When Seattle residents woke to the horrible news of Sally Kelley’s murder that Monday morning, a shroud of fear swept over the city like a late-November storm rolling in over Puget Sound. Headlines blared across all the local papers.The Seattle Daily Times featured a photo of a smiling Sally Kelley asking its readers to call the city editor if they saw her last night.
A child killer was on the loose, and every parent’s worst nightmare had come true for the Kelley family. Parents kept a closer eye on their own children, what kind of a monster would do such a thing to this poor little girl.
The investigation, which had gone on all night, was running on all cylinders the next morning.
Among the visitors to the scene that morning were Seattle Mayor Charles L. Smith and the young elected King County Prosecutor, Warren G. Magnuson.
Magnuson, who would later become a United States Senator from Washington, and whose name still adorns a building in the U.W. campus and a large park in North Seattle, took an active role in the investigation, personally searching for evidence at the scene.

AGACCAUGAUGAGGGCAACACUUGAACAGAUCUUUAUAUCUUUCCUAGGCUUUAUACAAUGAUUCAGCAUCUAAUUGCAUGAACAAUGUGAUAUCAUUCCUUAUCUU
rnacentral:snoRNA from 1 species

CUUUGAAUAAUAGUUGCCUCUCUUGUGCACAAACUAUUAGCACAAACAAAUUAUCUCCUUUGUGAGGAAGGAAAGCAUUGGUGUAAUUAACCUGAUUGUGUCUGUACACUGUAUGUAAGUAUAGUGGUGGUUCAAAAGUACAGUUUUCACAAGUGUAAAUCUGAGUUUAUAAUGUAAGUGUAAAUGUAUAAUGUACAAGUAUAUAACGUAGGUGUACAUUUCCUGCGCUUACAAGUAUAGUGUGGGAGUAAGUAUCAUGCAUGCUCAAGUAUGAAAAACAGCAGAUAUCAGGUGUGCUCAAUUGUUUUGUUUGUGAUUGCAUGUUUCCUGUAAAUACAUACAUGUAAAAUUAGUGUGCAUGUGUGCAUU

He found a piece of cotton stuck to a board on a picket fence between the Ben Lamond Apartments and the garage where Sally had been found.
Detectives made a startling discovery: a yardstick was found on the ground a few feet from the garage where the body had been found. Other detectives insisted they’d searched there earlier and the yardstick had not been there. Captain Yoris, in a statement to the media, questioned this claim. The yardstick had likely just been missed in the darkness, he said.
The detectives believed the killer was walking among them.
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Evidence in the autopsy
The autopsy on Kelley was performed that morning at the King County Morgue by Dr. Gale Wilson. Her clothing was removed; her dress, shoes and socks were perfectly clean.